Evaluating the Potential of Open-Pollinated Field Corn for Growers in the Northeast
During this project year, we established the third and final year of strip and small plot trials in NY to evaluate open-pollinated corn varieties for silage and grain use. We collected data on plant development, morphology, yield, and silage quality from 2004 trials. Additional data collection on grain quality, ear traits, and processing/cooking uses is underway. We described the project at one field day and numerous meeting for farmers, extension educators, researchers, and other interested individuals. We have been pleased with the level of interest expressed in this work.
The general objective of this project is to provide information to growers in the northeast about open-pollinated (OP) corn varieties. Field research is focused on characterization and comparative evaluation of OP varieties of corn. The complementary outreach goals are to make available an in-depth workshop and supporting documentation on seed saving techniques, to provide descriptive information to farmers and seed producers about OP varieties, and to make available agronomic evaluations and recommendations of OP corn varieties for grain and silage use. We identified the following performance targets as specific objectives of this work:
a. Forty growers in NY and NH will try OP corn varieties on their farms during this project.
b. Twenty-five interested growers and seed marketers will become aware of OP varieties with unique traits that might fit specialty markets.
c. Forty growers in the northeast will learn how to save their own seed of OP corn varieties and a significant share of them will plan to begin seed saving.
We have now completed our final field season for this project. Major accomplishments for this project year include identifying farmer-cooperators, establishing the third season of field trials, collecting data on ear and cooking quality traits from the second year trials and agronomic data from third year trials, and conducting several outreach activities to let people know about the project and share second-year project data. Details are presented below by project milestones.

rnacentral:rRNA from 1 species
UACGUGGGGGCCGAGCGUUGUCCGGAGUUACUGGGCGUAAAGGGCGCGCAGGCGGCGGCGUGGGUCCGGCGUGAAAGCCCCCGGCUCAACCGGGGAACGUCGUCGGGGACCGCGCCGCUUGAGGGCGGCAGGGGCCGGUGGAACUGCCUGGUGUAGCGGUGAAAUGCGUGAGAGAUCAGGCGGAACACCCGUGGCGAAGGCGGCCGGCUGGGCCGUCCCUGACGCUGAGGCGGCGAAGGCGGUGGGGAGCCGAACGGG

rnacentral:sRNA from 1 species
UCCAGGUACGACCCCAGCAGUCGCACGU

a. Farmer collaborators decide to engage in research. We contacted and engaged with six farmer collaborators in NY, all of whom hosted trials on their farms. We also engaged farm managers and conducted trials at one research farm in NY.
b. Farmers and researchers establish trials. Strip trials to evaluate four promising OP varieties and two commercial hybrid checks were planted at three locations in NY. Small plot trials of these same hybrids were planted at two NY locations to evaluate silage yield and quality. Finally, small plot trials to screen a broad range of OP varieties were established in NY. Varieties in these trials were grouped by maturity, with 35 OP varieties and four hybrid checks in the early maturity trial and 37 OP varieties and three hybrid checks in the late maturity trial. Each trial was planted at three locations.
c. Researchers collect, analyze, and interpret data. Plant population, grain yield, grain moisture, and stalk and root lodging data were collected on strip trials and grain quality analysis is underway. Small plot silage trials included assessments of plant population, dry matter content, yield, and silage quality. Extensive data collection was done on the many OP varieties in the small plot grain trials, including plant morphology, plant development, and yield data. Data collection is underway on ear traits and grain samples will be subjected to processing and eating quality analyses. Testing for the presence of Bt and Roundup-Ready transgenes will be done on saved seed.
a. 36 farmers attend field days each year. A field day was conducted at Aurora, NY (29 July 2004) with 20 extension educators participating and over 50 farmers, researchers, and educators viewing a poster describing this work.
b. 300 farmers, extension educators, and seedsmen attend winter meetings and in-service presentations. This project was presented as a poster as at the Northeast Sustainable Agriculture Research and Education Conference in Burlington, VT on 9-21 October 2004 (hard copy submitted as additional material associated with this report). Approximately 600 growers, extension educators, researchers, and administrators attended.
Impacts and Contributions/Outcomes
Our first field season was characterized by extreme drought pressure in NY and the second and third seasons by excessive rainfall! Despite this, we have three years of data on a broad range of OP varieties and have begun assembling a descriptive catalog of the varieties that we have evaluated. A broad range of growers, extension educators, field crop industry representatives, and researchers are aware of the project through field day and winter meeting presentations. We expect most of our performance targets to be achieved by the project end date, when we are in a position to provide multi-year evaluation data (farmers should never be choosing varieties based on single-season evaluations) and when we make available our workshop on seed saving and selection. That said, we already have had requests for information about OP corn from a number of growers and extension educators, which indicates that we are making progress on our first performance target (forty growers in NY and NH will try OP corn varieties on their farms).
American Indian Program, Cornell University
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